Each month we reach out to journalists and media professionals to chat with them about their experiences in the industry. July’s edition ‘Questions for Journalists’ features Amanda Stephenson, Postmedia reporter in Calgary covering Business.
What story that you’ve written are you most proud of?
I often get asked this question, and it’s a hard one to answer! I went to Haiti in 2010 to write a feature series on an Alberta charity’s efforts to help that country rebuild in the aftermath of a major earthquake. I was very proud of that series, because of the effort and time involved, but a story doesn’t necessarily have to be a 5,000 word feature or require multiple days of work for me to feel good about it. I currently write about Business, and I get a lot of story assignments that involve complicated or technical subject matter. If I can take a tough topic, ask the right questions so that I understand it myself, and then write it clearly and concisely for a general interest audience, I feel pretty good about my day.
In what ways do you believe social media has changed journalism?
It’s changed it profoundly in a short amount of time, and there are pros and cons for reporters. On the one hand, social media has the potential to greatly expand journalists’ reach because there is no limit to how many times your stories can be shared and retweeted. It also makes it so much easier to find sources and story ideas and to connect with readers. But the same reporters who used to have a whole day to double-check facts and search for more sources before publishing their stories are now under pressure to tweet the news minutes after it happens — which can lead to mistakes, sometimes big ones. I also think social media can make reporters lazy. I’m not a big fan of stories that do nothing more than sum up online reaction to a news event — the “residents took to Twitter to express their disapproval” kind of stories. As journalists, we all need to get out from behind our desks and smartphones and talk to people in the real world more often.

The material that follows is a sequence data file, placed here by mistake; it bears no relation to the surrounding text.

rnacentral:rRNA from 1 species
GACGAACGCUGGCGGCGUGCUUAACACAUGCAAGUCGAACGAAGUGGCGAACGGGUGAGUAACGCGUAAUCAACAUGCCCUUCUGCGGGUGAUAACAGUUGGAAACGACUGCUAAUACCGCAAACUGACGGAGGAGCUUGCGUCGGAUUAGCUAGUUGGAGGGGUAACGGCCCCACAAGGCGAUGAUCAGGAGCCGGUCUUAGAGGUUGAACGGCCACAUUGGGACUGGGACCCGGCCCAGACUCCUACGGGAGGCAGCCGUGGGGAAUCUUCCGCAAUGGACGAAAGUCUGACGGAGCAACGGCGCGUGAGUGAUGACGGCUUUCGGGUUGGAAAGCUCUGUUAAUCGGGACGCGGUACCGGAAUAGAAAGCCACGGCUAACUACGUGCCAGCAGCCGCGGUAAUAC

What advice do you have for PR professionals about working with journalists?
Understand that my inbox gets flooded with 20-25 pitches every day. If I’m interested in your story, I WILL call you. Please don’t call me at 3 p.m. to ask if I’ve seen your pitch — I am on deadline and don’t have time to talk to you at that point. In my opinion, the best pitches come from PR professionals who have taken the time to learn about what I write and have targeted their pitch accordingly. I’m far more likely to pay attention to a pitch that says “I read your story about Topic X and thought you might be interested in this related angle” than a generic news release. Finally, I would add that while your job probably seems thankless at times, journalists really do appreciate a PR professional who works to establish a relationship with them, respects their time, and does what they can to help them get their story.
Have a story you would like to share? Let us know on Twitter at @PRTheAgency or in the comment section below!